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pidluk

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Reply with quote  #1 
Hi members,
I have been on the sitar for 3 years now and just want a change of phase /sound /itch.. for a little while or in combination from one to the other. I am leaning towards the Dilruba or the Esraj but more towards the Dilruba. My question is the transition between the two i.e sitar to dilruba about the same? has anyone in the sitar forum tried both.
Any advice? Also where to buy
Thanks
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CheesecakeTomek

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Reply with quote  #2 
It's a completely different instrument, despite any visual similarities.
Bowing is tough, especially when you start moving the other hand around the neck, and especially when sliding a note.
The coordination between the two hands is a totally different concept than for sitar.
There's no reason not to go for it, but you'll have to put in a lot of ground work with the various techniques.

And yes, I have been playing sitar for 9 years and personally tried playing an ears once, about 3 years ago. I have decent bowing technique because of childhood violin lessons, but I don't play anymore, so my neck hand is worthless. As soon as I went to slide the note my playing fell apart. I know I would have to start from scratch with the simplest S/R, R\S, R/G, G\R, etc. exercises and work my way up, so I decided not to pursue. Of course, now that I'm gigging more, I look at all the smaller instances with ever-growing envy...

But I digress. No discouragement intended, I know several people who play both quite beautifully. They have worked hard at it, though.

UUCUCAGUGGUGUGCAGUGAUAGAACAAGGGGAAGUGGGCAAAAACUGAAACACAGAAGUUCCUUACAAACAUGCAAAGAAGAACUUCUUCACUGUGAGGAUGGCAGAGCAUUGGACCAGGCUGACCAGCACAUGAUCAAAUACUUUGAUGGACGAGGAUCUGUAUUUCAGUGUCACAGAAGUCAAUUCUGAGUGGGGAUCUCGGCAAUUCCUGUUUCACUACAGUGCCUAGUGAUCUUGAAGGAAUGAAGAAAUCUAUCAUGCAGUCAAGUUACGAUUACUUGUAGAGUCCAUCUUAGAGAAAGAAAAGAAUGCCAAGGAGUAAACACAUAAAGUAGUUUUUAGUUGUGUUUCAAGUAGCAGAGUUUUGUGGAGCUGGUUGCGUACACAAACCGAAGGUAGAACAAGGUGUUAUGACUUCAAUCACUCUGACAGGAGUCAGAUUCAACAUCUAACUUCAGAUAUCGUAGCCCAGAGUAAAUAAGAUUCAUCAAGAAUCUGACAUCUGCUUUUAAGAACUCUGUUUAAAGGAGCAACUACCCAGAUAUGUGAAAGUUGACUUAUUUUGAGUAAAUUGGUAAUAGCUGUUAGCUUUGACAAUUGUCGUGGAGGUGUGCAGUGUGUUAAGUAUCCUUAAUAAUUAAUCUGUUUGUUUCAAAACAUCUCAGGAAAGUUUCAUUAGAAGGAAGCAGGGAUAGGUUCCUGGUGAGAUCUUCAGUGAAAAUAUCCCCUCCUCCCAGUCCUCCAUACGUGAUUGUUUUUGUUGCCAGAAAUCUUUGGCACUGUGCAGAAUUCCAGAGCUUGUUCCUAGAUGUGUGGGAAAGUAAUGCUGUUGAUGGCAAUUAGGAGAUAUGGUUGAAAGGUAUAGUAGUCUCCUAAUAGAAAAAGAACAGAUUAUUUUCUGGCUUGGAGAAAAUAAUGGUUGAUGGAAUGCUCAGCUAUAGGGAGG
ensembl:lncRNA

Lars seems to have a nice one: http://raincitymusic.com/indian-instruments.htm#Dilruba
Good luck!!
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barend

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Reply with quote  #3 
Interesting question! I have tried to bow my sitar a few times with my double bass bow just to see how it feels to play dilruba. I could get sort of a similar sound but the size and shape of the sitar was a problem for bowing. But you can do it just to get a feel. The dilruba has the same fret positions as the sitar but they don't move the frets and play in between the frets to get for example komal Re if I am correct. Also I am not sure if they really press down the string like on sitar or touch the string with the side of the finger like on sarangi?

I expect that dilruba is a bit easier than sitar because there are no meends. The sliding and especially the bowing may take 'some' time to get used to though.

Curious how it goes. Let us know!
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coyootie

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Reply with quote  #4 
I found it easy! You have to learn the touch and technique for bowing, and meends are different- you don't pull strings sideways on a dilruba. Basically you just slide up and down for meend.You don't fret with much pressure at all, you barely touch the strings at the fret.